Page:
Feedback
College Game Plan

Introverts on Campus Stepping Out of Their Comfort Zone

Image: College Game Plan Introvert Club

Courtesy of Alexandra Grese

Alexandra Grese really wanted to get the party started.

This party would would be a quiet, contemplative scene, where like-minded students from The Ohio State University could get together — while being alone.

Alexandra Grese is a 22-year-old English major at The Ohio State University and founder of "Introverts of OSU."

Grese was targeting introverts — you know, those quiet types who don't find small talk all that fun and feel that boisterous groups, maybe even any large group, are draining.

The club, called "Introverts of OSU", has some 50 Facebook members, all Ohio State students who "liked" the page. But, so far, no one wants to meet face-to-face.

"I told people we could just each bring a book, go someplace and ignore each other, but no one even wanted to get together to do that," says Grese, a 22-year-old Ohio State English major.

Related: Anxiety on Campus: 6 Ways Parents Can See Past the 'Happy Mask'

It's estimated that about one-third of people are true introverts. But college orientations and dorm culture are not structured for students who prefer alone time to forced socializing. That means many young people are arriving at campuses which are geared around extraversion as the "healthy norm," says Dr. William Pannapacker, the DuMez Professor of English and Director of the Mellon Scholars Program at Hope College in Michigan.

Related: Are You Really an Introvert? 3 Surprising Ways to Tell

"There still is a large athletics and Greek system that does not favor quieter students, nor do large classes, or small classes that demand a lot of unprompted engagement," says Pannapacker.

Out of the Comfort Zone

College, however, is however a time when even the most died-in-the-wool introverts like Grese have to step out of their comfort zones.

"People are thrown into situations with roommates, especially as freshmen, and no one knows each other and no one has anything in common," says Grese. "It takes a lot of work to build friendships, and for an introvert sometimes it can be easier to disengage and go to the library alone."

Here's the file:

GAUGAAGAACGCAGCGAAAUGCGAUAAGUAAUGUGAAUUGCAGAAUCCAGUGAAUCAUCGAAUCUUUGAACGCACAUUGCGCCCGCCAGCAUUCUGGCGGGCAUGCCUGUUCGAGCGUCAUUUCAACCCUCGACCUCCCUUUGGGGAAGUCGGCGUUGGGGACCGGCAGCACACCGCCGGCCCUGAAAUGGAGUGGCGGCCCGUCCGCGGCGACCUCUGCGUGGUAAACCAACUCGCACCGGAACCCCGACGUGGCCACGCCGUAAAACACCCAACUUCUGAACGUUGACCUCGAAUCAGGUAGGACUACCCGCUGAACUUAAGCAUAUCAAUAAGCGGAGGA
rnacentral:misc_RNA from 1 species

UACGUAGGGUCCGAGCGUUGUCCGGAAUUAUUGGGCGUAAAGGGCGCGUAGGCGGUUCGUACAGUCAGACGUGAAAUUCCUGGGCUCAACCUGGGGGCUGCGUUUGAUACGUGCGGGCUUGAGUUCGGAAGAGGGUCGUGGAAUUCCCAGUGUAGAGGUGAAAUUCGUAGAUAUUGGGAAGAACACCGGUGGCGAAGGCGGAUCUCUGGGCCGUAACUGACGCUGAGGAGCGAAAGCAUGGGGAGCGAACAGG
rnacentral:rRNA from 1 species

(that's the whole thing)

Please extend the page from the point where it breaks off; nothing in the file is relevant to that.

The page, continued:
Classroom situations can be equally as tough.

"I see people interacting with classmates, and I wind up looking at my desk," says Grese, adding that she loves her classes, which helps a lot.

On the other hand, college can help introverts expand their horizons, especially after the social difficulties of middle school and high school.

That's what Allison Acquaviva found when she attended Utica College in New York. She graduated last year with a degree in public relations, after blogging about what it takes to navigate college as an introvert.

Image: Allison Acquaviva
Allison Acquaviva is a 22-year-old graduate of Utica College. Courtesy of Allison Acquaviva

"College gave me freedom to feel welcome, because there were a lot more people like me, introverted," says Acquaviva, 22, who now works for several non-profits and is honing her public relations, marketing and social media skills. "It was much easier to open up and be friendly with other people, especially those people I got to know in my major."

Cool to be quiet

Being introverted was once considered part of a mental disorder and there is still somewhat of an underlying stigma.

Several years ago, Pannapacker was teaching a class on vocational exploration. He and his 20 students took the Myers-Briggs assessment. However, the results showed he was the only introvert in the room which, considering the sample size, didn't add up.

A "good percentage" of the students were covering up their introverted natures because of the the negative association, he believes.

But change is happening.

It may be that more introverts are finding out it's kind of cool to recharge alone, with best-selling books like Susan Cain's "Quiet: The Power Of Introverts In A World That Can't Stop Talking," bolstering the cause.

Related: Why do College Students 'Slut Shame'? It's a Class Thing

Popular culture helps, too, as does the rise of technology as a lucrative career field, and the increasing proliferation of subcultures enabled by social media.

"Introversion is slightly less likely to be labeled as unhealthy," says Pannapacker, who wrote about his classroom Myers-Briggs experience and the difficulties some introverted graduate students may face for The Chronicle of Higher Education. "I am seeing some growth in acceptance of what might be called 'nerd' culture in a way that is affirming," says Pannapacker.

Though it can sometimes feel overwhelming, college campus introverts can find their way.

"Just because you're an introvert doesn't mean you don't have social skills," says Acquaviva.

Grese, who hopes to pursue a master's degree in creative writing, found a core group of friends.

Train against type

For introverted high school students who may be a little fearful of making that leap to college, Pannapacker recommends looking for ". . . classes and professors that will affirm who you are as a person," he says.

And don't limit yourself.

"It is healthy to train against personality type, even if you need to regenerate after doing so," he says.

It's also important to "create your own fun," Acquaviva says. Find pursuits like yoga, art, and other activities that may cater to the more reserved.

And, most of all, accept who you are, says Grese — whether you are an introvert or an extrovert.

"I think there is a misconception that all introverts are ruminative and all extroverts just want to party," says Grese. "Everyone is important, and everyone contributes. We just do it differently."